If your someone that miles are important take a chair for a long roll 5 miles one way and 5 miles back see how your charge is.

    If your someone that uses public transportation demo on a bus, light rail, train, or cab.

    If you drive from your chair spend a weekend doing that in your demo.

    If your a student try it at school.

    Always try a 2nd model so you can compare. Technology is amazing a new chair will aways run better then a 4, 5, 6 year old chair but compare one model to another apple to apple.

    Last drum roll please....





    The last 2 years Permobil has invested a ton of money on the F series chairs in advertising so they have been vey tight lipped on this but I am going to leak it.

    There is a new version m300 that I would say 99% of DME's will not know and not tell you because they want to sell current inventory. Its hoping to launch 1st of the year or 1st quarter.

    It should be a major improvement on handling just like its big brother F3 F5!!
    Last edited by RollPositive; 11-04-2016 at 03:40 PM.

  7. #27
    Senior Member landrover's Avatar
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    I can second the adjustment period when going from rear- to front-wheel drive. I couldn't wait for my F3 to arrive. When it did, I spent the first weeks absolutely questioning my decision. I felt like I had never operated a wheelchair before. But now I love it, and could never imagine returning to rear-wheel drive.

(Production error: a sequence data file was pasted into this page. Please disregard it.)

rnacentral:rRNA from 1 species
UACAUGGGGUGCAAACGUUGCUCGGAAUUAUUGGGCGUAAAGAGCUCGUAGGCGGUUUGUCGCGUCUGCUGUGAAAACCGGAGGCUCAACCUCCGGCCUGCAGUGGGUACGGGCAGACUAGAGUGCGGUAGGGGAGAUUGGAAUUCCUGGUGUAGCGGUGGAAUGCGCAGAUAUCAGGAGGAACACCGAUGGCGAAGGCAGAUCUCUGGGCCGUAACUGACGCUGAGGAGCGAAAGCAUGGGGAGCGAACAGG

8. #28
    Quote Originally Posted by RollPositive View Post



    The last 2 years Permobil has invested a ton of money on the F series chairs in advertising so they have been vey tight lipped on this but I am going to leak it.

    There is a new version m300 that I would say 99% of DME's will not know and not tell you because they want to sell current inventory. Its hoping to launch 1st of the year or 1st quarter.

    It should be a major improvement on handling just like its big brother F3 F5!
    !
    How certain are you that this is correct? I know they announced a new joystick module and have a black tire option, but that is as far as it goes. http://permobilus.com/pjsm.php
    You will find a guide to preserving shoulder function @
    http://www.rstce.pitt.edu/RSTCE_Reso...imb_Injury.pdf

    See my personal webpage @
    http://cccforum55.freehostia.com/

  9. #29
    I would recommend driving in a demo chair since it does not have a lockdown and even a minor collision will have absolutely catastrophic consequences. What I did with my demo chair is I got in to the driving area on level ground to see visibility, reach, etc.. I then did take a chance and drive around my block which is completely quiet (still no excuse) at about 5 miles an hour. Even under that circumstance I felt unsafe and thought of the severe consequences and criticisms should even something totally unusual happened in my 1/16 of a mile trip.